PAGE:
I hate dark winter mornings. I hated them even more as a teacher. Waking up at 6am meant that I never saw a sunrise thanks to the reduced daylight hours and the unfortunate placement of my classroom relative to the morning sun. It’s all too easy to snooze the alarm and hope that, somehow, you’ll wake up in the spring. Seasonal affective disorder (SAD) hits hard during the winter months, but there are plenty of things you can do to make these long, dark months better and improve teacher wellbeing.
Note: I’m linking products in this post so you can go away and look at them at your leisure – this is not a product endorsement or advertisement and I’m certainly not getting paid to mention these things!
It All Starts with a Good Night of Sleep
First things first… sleep is important and none of this advice will help if you’re burning the midnight oil. Set yourself a bedtime, stick to it and avoid screens before bed too. If you set your bedtime for 10pm and plan lessons until 9:59pm, your bedtime isn’t 10pm. Set a bedtime, ban yourself from your screen (Screen Time built into iOS12 is a good one for this if you’re an Apple user!) and get a good night of sleep.
Maintain Teacher Wellbeing
A cliché but true. Eating well and getting some exercise can do wonders for you when you find getting out of bed a challenge – eating well will give you the energy and nutrition your body needs instead of loading up on carbs and the exercise will ensure that your body gets the most out of its sleep and rest cycle.
Step Toward the Light!
The lack of light was my biggest downfall – why would anyone want to get out of bed into a pitch-black room? I invested in a Lumie Sunrise Alarm that gently fills the room with light over the course of 30 minutes. If you’re a particularly light sleeper, this alone might be enough to wake you up and it’s much more natural than an alarm clock! If you’re particularly tech-savvy and have some smart home bulbs, you can achieve the same effect by scheduling a slowly rising light too.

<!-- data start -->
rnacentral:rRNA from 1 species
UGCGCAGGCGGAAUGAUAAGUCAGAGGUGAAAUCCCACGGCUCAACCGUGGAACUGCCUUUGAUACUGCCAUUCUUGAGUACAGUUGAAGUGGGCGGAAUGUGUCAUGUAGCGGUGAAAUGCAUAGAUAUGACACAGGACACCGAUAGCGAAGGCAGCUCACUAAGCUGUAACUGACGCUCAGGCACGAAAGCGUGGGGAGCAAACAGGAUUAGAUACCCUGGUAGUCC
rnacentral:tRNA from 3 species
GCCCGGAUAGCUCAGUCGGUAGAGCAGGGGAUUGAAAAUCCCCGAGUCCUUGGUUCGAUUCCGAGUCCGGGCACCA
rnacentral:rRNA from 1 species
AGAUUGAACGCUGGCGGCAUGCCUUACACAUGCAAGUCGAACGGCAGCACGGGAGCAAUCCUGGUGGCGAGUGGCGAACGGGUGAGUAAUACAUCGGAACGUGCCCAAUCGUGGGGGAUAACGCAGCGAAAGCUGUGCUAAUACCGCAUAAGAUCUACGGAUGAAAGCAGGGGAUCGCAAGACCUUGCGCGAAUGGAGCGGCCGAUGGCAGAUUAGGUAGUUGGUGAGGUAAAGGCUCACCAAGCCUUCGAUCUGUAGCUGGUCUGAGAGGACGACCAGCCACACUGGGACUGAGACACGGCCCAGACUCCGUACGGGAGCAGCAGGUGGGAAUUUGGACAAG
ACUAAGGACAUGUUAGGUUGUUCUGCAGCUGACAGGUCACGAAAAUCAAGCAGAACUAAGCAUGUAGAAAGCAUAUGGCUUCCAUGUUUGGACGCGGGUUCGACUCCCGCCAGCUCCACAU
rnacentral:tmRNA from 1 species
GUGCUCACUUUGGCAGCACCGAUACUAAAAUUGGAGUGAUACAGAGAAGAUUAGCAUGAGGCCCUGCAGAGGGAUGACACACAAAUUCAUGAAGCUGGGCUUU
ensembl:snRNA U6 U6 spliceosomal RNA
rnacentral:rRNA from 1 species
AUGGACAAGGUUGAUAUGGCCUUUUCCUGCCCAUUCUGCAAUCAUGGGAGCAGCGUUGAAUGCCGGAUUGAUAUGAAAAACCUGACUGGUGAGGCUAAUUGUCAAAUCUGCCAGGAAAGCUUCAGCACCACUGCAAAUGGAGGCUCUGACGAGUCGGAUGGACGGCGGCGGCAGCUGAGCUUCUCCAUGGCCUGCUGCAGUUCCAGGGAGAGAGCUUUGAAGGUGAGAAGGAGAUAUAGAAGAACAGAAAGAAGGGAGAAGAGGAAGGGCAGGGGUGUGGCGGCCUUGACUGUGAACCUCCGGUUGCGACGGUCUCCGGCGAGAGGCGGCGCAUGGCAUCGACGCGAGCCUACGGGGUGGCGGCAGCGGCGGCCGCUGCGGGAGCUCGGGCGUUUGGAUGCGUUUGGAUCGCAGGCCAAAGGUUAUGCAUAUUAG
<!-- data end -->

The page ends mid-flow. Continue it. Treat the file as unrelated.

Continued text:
Clever Sleep Apps
An old-fashioned alarm clock does nothing for me – my desire to remove the batteries or throw the clock out of the window is at an all-time high during winter. I found an app by the name of ‘Pillow’ that lets you set a 30-minute wake-up window and by magic, it seems to know when you’re at your lightest point of sleep and only begins to lull you from your slumber at that point. The app also has some useful noise generators if you like a little noise to fall asleep to, too!
Make Time for Breakfast
Once you’re out of bed, showered and dressed you should make enough time to have some breakfast and a drink – and I don’t mean a pastry at the station or a drive-through. Actual breakfast in the comfort of your own home. If you don’t like the idea of preparing something in the morning, overnight oats are great and simply require a few minutes of forward-planning the night before. I personally found that making time for breakfast reduced my stress levels because I didn’t feel like everything was a last-second mad rush.
Commute? More Like Comm-you-te…
Terrible pun, I know. Avoid using your commute to think about, engage with or do any work and stay away from your emails. Make the commute to work an extension of your own time. Read or listen to an audiobook, catch up on a podcast, enjoy some music… use your commute as you-time. Do anything to maintain teacher wellbeing…it really is essential!
I hope that you find some of these tips useful! Let us know if you have any particularly good tips and ideas to beat the dark weather and get out of bed with pep in your step!